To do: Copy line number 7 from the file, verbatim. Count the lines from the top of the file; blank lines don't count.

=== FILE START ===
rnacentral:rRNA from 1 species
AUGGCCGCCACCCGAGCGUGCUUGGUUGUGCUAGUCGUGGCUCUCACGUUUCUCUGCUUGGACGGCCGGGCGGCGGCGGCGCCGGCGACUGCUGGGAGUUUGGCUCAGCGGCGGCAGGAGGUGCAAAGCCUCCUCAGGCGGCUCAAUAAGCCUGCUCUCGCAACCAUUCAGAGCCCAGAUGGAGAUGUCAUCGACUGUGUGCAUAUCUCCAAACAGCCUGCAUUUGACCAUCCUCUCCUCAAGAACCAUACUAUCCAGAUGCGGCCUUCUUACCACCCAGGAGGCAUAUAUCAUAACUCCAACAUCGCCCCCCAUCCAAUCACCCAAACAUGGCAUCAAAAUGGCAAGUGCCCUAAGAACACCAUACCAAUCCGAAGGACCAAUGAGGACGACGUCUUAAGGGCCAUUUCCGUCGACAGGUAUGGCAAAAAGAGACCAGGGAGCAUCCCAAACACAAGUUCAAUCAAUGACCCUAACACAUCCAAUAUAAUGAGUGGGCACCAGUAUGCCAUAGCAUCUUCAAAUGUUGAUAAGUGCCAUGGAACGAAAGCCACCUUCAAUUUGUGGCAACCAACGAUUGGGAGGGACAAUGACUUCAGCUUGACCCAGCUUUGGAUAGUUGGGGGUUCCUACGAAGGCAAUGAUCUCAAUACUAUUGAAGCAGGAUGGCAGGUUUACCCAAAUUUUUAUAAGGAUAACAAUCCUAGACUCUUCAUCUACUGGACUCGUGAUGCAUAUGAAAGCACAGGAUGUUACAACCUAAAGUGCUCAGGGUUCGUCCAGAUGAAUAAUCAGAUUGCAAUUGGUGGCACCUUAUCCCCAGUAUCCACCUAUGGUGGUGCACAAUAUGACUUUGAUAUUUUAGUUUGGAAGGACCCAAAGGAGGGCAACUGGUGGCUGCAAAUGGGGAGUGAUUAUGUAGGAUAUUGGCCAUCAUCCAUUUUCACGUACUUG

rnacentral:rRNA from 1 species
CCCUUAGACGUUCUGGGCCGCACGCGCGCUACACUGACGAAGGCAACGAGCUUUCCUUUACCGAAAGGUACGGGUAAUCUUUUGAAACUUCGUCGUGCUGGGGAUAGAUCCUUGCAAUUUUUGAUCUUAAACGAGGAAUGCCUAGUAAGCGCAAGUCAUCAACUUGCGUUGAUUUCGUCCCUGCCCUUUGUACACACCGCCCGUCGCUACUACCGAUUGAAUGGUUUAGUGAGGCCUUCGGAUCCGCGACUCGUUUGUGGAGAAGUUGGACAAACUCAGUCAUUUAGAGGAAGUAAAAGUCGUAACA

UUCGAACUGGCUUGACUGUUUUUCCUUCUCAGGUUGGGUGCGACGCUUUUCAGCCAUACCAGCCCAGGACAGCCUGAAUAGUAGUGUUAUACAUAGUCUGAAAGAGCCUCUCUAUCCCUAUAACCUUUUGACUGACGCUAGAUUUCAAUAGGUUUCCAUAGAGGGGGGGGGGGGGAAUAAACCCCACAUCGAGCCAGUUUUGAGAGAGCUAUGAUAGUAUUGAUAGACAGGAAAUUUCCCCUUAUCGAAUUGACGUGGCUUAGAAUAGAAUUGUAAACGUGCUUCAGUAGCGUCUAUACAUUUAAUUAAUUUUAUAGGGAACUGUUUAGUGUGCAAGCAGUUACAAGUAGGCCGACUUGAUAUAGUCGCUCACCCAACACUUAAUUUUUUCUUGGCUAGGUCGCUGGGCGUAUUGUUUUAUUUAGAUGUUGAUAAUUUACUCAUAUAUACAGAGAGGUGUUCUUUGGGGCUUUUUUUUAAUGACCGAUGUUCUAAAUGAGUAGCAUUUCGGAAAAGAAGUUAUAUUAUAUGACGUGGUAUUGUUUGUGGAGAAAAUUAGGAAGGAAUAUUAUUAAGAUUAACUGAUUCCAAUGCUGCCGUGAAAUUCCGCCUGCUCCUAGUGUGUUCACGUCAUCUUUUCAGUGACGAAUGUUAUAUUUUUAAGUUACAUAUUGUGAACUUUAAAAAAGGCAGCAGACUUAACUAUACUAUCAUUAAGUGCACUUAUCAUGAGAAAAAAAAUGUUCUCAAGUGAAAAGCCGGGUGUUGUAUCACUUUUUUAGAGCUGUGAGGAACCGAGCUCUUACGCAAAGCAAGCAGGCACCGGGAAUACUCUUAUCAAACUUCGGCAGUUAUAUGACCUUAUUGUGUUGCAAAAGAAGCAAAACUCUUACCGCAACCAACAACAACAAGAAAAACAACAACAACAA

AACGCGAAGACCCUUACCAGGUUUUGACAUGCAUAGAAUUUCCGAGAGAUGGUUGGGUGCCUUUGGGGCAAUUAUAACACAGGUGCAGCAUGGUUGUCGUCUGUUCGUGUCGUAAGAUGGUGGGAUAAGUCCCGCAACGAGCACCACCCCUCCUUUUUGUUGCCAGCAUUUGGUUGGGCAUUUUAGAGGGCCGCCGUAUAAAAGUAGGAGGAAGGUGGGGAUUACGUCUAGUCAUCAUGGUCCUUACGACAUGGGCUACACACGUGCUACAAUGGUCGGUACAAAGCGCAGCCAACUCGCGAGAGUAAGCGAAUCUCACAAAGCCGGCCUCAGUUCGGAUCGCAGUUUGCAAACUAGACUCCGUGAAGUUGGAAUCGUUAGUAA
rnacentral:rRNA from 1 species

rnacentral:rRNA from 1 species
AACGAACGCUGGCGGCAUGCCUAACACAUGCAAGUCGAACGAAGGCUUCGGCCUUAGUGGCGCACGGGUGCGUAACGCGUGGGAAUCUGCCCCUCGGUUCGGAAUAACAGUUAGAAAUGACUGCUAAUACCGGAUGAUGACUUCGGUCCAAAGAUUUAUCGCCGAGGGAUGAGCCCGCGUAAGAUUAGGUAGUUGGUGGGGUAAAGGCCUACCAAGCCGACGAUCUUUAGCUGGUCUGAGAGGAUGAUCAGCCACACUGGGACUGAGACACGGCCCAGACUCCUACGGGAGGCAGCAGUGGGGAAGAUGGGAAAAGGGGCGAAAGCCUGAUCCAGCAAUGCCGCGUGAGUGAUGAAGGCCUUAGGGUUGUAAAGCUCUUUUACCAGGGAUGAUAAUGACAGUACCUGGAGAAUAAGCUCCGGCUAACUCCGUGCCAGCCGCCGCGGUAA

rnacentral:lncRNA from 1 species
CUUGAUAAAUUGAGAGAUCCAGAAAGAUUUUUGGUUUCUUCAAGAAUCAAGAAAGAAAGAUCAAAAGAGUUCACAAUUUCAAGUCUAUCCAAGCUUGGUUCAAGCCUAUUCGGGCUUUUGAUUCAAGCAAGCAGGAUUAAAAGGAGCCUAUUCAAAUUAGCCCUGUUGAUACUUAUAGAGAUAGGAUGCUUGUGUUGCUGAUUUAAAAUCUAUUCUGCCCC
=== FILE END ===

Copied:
rnacentral:rRNA from 1 species